I came across a nifty piece in National Geographic “Five Unmissable Dishes That Define the Maldives”. I’ve sampled 3 of them, but Kulhi Boakibaa, not yet. But if I wanted to, I would head to Riu Atoll where their chef Aritha Fernando not only serves it, but even shares his recipe for you to try at home – “Cooking with love in the Maldives with RIU”:
- “This is a very special dish for our chef, who usually prepares this for her family and she says she has chosen to tell us how to prepare this dish that she is proud to cook on a regular basis for our guests “because it is the perfect blend of traditional Maldivian food and a dash of love. This is not just any old dish but rather one that she learnt from her mother who would cook it for her and her siblings when they were young and it was only once she became a chef that she managed to discover its secret ingredient: a sprinkling of love.”
Part of the adventure in an exotic destination like the Maldives is sampling some of the unfamiliar fare. Not just different recipes, but also different, often home grown, ingredients. Our visit to Soneva Jani featured many less familiar (but not unknown) fruits on their breakfast buffet (like dragon fruit, jackfruit, fresh figs), but it was the first time we came upon a mangosteen (see photo). It is a bit like a lychee and very tasty on some yogurt.
In this increasingly digital world, books are becoming rarer and rarer. Guide books are replaced by travel sites, identification guides are replaced by apps. Kuramathi’s own publication “Plants of the Maldives” exemplifies so many aspects of what makes a hard copy an especially enjoyable. It’s not just a source of information, but a superbly well-designed publication packed with gorgeously artistic drawing. The book format makes perusing the leaves about leaves leisurely and satisfying:
- “The resort island served as an insightful base where most of the featured flora are found thriving in several nature appreciation sites such as the 300-year-old Banyan Tree, the Botanic Walk, a route where guests can observe diverse tropical vegetation, the Nature Trail, an untouched Maldivian forest in the heart of the island, and the Hydroponic Garden where most of the fresh produce served in the buffet restaurants are grown and harvested. ‘The publication is a credible knowledge tool added to the extensive activities of the resort. The book captures information on 65 plants, that constitute our biodiversity and are used in our food, culture, and traditions,’ said Dr Aminath.”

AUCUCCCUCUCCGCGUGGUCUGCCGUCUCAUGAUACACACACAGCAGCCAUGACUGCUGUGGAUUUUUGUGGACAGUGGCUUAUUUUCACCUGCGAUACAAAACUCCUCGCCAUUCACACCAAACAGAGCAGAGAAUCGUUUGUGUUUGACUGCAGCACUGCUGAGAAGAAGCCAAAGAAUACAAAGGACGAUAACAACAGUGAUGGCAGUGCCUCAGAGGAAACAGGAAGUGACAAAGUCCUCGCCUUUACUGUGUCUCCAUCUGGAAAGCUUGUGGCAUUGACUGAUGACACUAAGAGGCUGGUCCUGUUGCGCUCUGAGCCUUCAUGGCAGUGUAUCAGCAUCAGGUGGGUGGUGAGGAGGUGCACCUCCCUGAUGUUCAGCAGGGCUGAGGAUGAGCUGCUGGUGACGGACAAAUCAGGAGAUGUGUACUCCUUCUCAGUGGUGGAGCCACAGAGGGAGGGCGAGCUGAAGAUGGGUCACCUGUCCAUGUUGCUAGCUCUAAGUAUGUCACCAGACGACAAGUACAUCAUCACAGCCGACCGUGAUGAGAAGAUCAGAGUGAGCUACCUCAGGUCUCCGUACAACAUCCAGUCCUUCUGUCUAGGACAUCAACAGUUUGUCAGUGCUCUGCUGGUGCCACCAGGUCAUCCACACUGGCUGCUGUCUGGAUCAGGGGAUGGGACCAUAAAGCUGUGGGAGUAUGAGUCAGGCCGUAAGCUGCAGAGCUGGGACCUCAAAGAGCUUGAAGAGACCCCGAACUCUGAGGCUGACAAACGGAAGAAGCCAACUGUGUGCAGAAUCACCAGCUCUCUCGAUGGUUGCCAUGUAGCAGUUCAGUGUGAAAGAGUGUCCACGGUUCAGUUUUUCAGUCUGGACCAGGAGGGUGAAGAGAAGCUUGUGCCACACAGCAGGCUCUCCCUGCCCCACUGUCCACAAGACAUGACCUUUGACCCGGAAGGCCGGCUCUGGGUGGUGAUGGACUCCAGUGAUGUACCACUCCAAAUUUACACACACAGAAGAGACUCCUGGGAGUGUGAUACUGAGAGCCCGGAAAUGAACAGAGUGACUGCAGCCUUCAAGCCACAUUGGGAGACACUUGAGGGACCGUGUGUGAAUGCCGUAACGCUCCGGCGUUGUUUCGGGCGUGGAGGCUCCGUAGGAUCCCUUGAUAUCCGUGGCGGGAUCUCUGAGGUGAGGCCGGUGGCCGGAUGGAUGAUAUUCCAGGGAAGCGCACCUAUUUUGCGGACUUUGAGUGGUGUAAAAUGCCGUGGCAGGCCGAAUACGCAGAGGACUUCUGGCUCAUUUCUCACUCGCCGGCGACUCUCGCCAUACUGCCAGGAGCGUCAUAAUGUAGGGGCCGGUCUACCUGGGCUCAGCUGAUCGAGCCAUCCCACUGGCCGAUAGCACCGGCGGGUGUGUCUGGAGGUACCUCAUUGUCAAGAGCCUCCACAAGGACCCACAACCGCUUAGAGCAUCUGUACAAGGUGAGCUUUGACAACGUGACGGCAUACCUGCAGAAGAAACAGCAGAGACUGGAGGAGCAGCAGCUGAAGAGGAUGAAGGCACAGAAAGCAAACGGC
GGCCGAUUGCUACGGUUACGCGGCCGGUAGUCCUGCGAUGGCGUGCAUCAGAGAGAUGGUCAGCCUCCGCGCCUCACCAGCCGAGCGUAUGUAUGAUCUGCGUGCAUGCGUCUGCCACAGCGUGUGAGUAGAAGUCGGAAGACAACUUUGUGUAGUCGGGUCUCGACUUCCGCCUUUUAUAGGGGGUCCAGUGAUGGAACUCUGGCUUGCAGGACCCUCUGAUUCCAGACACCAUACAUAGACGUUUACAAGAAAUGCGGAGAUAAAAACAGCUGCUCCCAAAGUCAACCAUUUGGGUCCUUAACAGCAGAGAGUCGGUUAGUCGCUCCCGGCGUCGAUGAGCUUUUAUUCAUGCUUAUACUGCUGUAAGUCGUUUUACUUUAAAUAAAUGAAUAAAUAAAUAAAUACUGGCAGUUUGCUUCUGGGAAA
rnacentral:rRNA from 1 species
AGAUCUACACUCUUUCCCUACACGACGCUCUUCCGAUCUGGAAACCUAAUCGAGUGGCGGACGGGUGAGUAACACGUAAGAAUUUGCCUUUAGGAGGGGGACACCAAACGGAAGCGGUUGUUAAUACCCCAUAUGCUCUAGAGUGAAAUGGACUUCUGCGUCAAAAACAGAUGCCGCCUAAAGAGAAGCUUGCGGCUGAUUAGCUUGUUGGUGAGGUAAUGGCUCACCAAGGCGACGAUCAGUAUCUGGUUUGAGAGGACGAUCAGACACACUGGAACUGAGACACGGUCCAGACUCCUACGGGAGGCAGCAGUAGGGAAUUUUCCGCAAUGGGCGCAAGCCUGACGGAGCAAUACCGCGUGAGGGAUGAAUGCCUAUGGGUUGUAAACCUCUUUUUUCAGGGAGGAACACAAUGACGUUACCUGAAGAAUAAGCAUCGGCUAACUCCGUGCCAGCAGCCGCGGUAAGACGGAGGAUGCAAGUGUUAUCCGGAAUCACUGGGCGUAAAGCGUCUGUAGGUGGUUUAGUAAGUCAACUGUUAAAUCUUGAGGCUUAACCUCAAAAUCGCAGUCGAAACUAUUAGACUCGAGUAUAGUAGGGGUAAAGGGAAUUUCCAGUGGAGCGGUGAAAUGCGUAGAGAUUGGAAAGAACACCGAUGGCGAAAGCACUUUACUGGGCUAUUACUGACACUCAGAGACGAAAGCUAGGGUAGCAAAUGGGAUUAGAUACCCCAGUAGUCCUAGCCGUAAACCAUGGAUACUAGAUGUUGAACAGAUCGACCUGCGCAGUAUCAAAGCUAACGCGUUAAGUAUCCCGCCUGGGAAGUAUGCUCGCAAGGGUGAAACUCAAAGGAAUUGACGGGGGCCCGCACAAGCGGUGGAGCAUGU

It is an aesthetically satisfying memento of this paradise where the land life often seems to get second billing to the legendary aquatic life around it, but the tropical lushness of its flora is just as much a part of this dreamlike destination (and perhaps long overdue, I have now added the tag of “Plants” to the blog).
Mother Language Day today. If you want to delve into Dhivehi for a taste of local culture, it’s often fun to do it with a partner to both learn with as well as to practice with. SAii Lagoon’s Le Be Well spa offers a “Dhivehi for Couples” experience”:
- “Love, after all, is one of the classic motivations for picking up a new language. When you learn a new language with your partner, it’s a bonding understand one of the most rewarding aspects of you try to communicate with them in their own language – Dhivehi, while fostering an appreciation for the traditions, religions, arts, and history of the Maldivians.”
You might wonder what would be the use of a relatively obscure language aside from impressing Maldivian staff on your resort visits? One possibility is to have your own personal code back home to converse in. We always remember meeting good friends for dinner years ago who we knew would try to pay for the meal and we wanted to pay. During the meal, they had a chat in Chinese which they said was just a family matter, but it turns out it was them scheming how to get the bill. Another example of such a shared secret language is the “Divine” language in the film “The Fifth Element”. Writer/Director Luc Besson invented the 400-word language for the character Leeloo (played by Milla Jovovich) to speak. Only Beeson and Jovovich learned the language and practiced it regularly to help it become natural for Jovovich. They ended up getting married after the film’s release so maybe a private shared language does have romantic effect.